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Evaluation of the preference of mice on food intake - Preliminary study


Published: Nov 21, 2017
Keywords:
environmental enrichment food intake mice welfare individual ventilated cages
E. PARONIS (Ε. ΠΑΡΩΝΗΣ)
P. ALEXAKOS (Π. ΑΛΕΞΑΚΟΣ)
C. DIMITRIOU (Κ. ΔΗΜΗΤΡΙΟΥ)
E. BALAFAS (Ε. ΜΠΑΛΑΦΑΣ)
N. KOSTOMITSOPOULOS (Ν. ΚΩΣΤΟΜΗΤΣΟΠΟΥΛΟΣ)
Abstract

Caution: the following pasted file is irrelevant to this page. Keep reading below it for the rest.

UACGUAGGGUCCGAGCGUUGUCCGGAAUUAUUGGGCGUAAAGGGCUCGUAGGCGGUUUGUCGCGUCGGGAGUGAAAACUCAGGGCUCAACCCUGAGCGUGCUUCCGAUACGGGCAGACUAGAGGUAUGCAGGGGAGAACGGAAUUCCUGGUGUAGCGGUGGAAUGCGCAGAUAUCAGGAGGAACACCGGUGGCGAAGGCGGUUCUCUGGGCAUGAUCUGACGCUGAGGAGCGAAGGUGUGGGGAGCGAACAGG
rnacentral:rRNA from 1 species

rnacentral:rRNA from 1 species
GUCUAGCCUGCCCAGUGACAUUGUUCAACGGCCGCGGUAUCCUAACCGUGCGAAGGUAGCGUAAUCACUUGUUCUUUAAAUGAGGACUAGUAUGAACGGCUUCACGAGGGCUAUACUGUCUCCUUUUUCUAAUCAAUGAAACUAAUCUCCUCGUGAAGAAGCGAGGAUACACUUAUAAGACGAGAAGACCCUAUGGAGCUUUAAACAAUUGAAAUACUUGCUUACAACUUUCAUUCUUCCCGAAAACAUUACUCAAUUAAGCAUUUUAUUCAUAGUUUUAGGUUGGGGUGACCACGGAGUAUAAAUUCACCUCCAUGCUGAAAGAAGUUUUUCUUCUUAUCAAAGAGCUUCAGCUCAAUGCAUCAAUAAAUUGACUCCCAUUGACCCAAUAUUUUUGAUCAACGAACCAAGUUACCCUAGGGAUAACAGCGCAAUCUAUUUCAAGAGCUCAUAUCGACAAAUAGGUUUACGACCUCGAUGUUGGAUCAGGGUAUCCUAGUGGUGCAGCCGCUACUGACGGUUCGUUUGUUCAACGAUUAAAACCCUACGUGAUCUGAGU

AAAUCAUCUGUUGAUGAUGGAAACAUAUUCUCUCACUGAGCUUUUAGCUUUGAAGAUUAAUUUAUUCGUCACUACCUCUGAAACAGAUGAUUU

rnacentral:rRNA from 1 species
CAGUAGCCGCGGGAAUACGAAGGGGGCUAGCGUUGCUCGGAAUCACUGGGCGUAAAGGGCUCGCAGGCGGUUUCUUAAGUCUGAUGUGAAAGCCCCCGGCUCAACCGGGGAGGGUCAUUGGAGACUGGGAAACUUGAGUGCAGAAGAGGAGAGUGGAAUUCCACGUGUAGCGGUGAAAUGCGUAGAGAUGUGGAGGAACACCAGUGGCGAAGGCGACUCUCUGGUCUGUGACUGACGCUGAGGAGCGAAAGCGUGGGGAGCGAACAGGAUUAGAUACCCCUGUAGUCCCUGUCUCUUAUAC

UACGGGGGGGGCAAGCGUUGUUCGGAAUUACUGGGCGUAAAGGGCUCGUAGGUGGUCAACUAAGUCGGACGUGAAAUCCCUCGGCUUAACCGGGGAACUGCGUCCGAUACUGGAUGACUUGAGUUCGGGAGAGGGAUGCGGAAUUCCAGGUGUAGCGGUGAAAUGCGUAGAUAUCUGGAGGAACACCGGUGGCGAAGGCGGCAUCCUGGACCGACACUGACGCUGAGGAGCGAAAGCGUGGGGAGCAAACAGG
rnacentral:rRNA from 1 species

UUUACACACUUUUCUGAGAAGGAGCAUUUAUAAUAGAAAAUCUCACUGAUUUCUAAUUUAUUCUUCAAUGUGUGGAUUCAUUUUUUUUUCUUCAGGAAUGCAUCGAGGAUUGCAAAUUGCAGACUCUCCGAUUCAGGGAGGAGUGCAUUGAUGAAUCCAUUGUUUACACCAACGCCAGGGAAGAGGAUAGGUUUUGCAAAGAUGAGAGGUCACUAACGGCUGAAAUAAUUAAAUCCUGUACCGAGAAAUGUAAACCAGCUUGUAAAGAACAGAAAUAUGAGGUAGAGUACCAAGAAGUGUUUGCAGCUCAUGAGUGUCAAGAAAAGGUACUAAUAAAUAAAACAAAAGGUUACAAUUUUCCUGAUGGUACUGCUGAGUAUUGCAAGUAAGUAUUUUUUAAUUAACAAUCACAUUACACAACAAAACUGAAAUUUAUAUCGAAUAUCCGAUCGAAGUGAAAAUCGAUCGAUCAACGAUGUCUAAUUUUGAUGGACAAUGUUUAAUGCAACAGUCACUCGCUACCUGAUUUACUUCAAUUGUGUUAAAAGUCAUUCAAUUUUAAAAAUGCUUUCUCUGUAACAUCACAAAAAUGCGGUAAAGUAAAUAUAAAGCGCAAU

One of the possible ways to improve the housing conditions of laboratory animals is to give animals opportunities to perform more species-specific behavioural repertoires through providing enrichment of their environment. Environmental enrichment is, by definition, any modification in the environment of the captive animals that seeks to enhance their physical and physiological well being by providing stimuli meeting the animals' species-specific needs. Food intake is of high concern as this should be promoting the expression of physical feeding behaviour and improves the welfare of the captive animals. The aim of the present study was to evaluate the preference of mice to receive their food from a feeding cup located inside the cage or from the classical food hopper located on the stainless steel wire lid of the cage. Twenty four male C57BL/6 mice, at the age of 5-7 weeks, originated from the breeding colony of the animal facility of the Foundation, were randomly divided into two groups. In group A (n=12) the food was supplied through the food hopper. In group Β (n=12) food was supplied through the feeding cup located in the front side of the cage, as well as through the classical food hopper on the wire lid of the cage. A statistically significant preference of the mice to use the feeding cup instead of the food hopper was noticed (p<0.05). A preference of animals to empty the feeding cup from the food pellets, eat them directly from the bedding and use the feeding cup as a shelter was also observed in all the cages of group B. Based on the above preliminary observations it is concluded that the placement of a feeding cup within the cage could improve the welfare of the animals housed in individual ventilated cages and trigger the expression of a more species-specific feeding behaviour.

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